Our colleague Greg Jaffe reports that the Pentagon has spent about $75,000 and plans to shell out an additional $15,000 to spruce up the hallway — and, in the process, honor not just journalists, but also the Pentagon’s message massagers.
“The updated corridor will pay tribute to the department’s public affairs mission and to journalists — including those who have been killed in the line of duty,” said Pentagon spokesman George Little. “Many hallways in the Pentagon tell the stories and history of the incredible men and women who serve in the U.S. military. It’s appropriate to honor public affairs officers and reporters who tell those stories beyond the Pentagon.”
So what does $90,000 in hallway decoration buy these days? A large backlit reproduction of the New York Times’ front page marking the killing of Osama bin Laden. Wall-mounted exhibits that show the different media the Pentagon uses to get out its message: print, television, photography and social media.
And there are subtle paeans to the Pentagon’s massive public affairs force. “The growing power of technology significantly expanded the traditional 9 to 5 operations of military public affairs officers,” one exhibit reads.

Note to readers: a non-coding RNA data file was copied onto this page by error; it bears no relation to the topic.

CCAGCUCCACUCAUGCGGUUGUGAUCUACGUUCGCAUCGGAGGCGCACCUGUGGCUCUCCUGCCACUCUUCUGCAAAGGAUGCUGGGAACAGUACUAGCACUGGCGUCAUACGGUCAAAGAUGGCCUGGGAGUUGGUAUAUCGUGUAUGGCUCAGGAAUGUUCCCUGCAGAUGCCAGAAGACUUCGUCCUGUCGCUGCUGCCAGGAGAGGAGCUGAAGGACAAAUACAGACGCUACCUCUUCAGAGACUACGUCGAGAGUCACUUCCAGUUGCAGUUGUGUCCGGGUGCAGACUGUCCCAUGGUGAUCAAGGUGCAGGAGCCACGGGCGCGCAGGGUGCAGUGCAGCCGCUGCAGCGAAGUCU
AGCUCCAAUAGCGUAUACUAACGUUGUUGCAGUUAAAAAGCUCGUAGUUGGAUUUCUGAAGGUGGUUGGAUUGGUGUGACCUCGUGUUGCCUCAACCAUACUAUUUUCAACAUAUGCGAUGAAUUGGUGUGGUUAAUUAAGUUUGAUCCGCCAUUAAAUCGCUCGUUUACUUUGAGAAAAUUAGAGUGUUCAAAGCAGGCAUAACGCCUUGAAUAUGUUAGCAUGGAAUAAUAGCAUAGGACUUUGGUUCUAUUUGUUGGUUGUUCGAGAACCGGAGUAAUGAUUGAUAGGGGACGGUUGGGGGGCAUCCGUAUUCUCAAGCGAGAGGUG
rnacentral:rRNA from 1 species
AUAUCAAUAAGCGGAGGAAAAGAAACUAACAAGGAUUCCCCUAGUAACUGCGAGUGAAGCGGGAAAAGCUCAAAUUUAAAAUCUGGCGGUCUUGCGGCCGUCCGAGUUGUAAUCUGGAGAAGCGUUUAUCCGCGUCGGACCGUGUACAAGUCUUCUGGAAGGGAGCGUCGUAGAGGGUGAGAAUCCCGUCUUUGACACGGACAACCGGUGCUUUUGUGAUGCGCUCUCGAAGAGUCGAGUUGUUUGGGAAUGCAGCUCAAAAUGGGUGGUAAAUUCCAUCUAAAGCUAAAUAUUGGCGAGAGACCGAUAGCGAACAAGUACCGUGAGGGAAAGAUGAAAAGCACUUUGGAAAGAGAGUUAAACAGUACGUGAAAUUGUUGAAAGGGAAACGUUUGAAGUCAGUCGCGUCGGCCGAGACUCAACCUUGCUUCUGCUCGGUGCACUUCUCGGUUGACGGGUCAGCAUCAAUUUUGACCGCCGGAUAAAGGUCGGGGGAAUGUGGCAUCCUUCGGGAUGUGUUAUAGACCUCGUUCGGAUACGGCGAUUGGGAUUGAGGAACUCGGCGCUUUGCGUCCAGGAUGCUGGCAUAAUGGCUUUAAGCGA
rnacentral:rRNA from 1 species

Pentagon officials insist the corridor is a work in process. They plan to add a small screen with the names of correspondents killed in the line of duty. Perhaps pictures of legendary journalists from the past, including a shot of Walter Cronkite and Andy Rooney in uniform during World War II.
“How do you have a wall without Walter Cronkite on it?” asked Army Lt. Col. Steve Warren, a Pentagon spokesman involved in the redecorating.
The reporters, who occupy a small warren of cubicles about 30 yards from the fancy new corridor, have also done a little bit of lower-cost redecorating, taping up a piece of paper with the words “Korresponts Koreedoor” on the wall by the door.
Clintons in ads
What do this election cycle’s most watched presidential advertisements have in common?
Of course, many of them feature grainy black-and-white images of the other guy and ominous voice-overs. Plenty of factory workers in hard hats. And there’s the “and I approved this message” line that we’ve all heard a few times too many.
But there’s another common theme among the most-aired advertisements: the Clintons.
Of the 20 top ads (10 from each campaign), four of them feature a Clinton. Two of GOP candidate Mitt Romney’s ads show Hillary Rodham Clinton, while two of President Obama’s star Bill.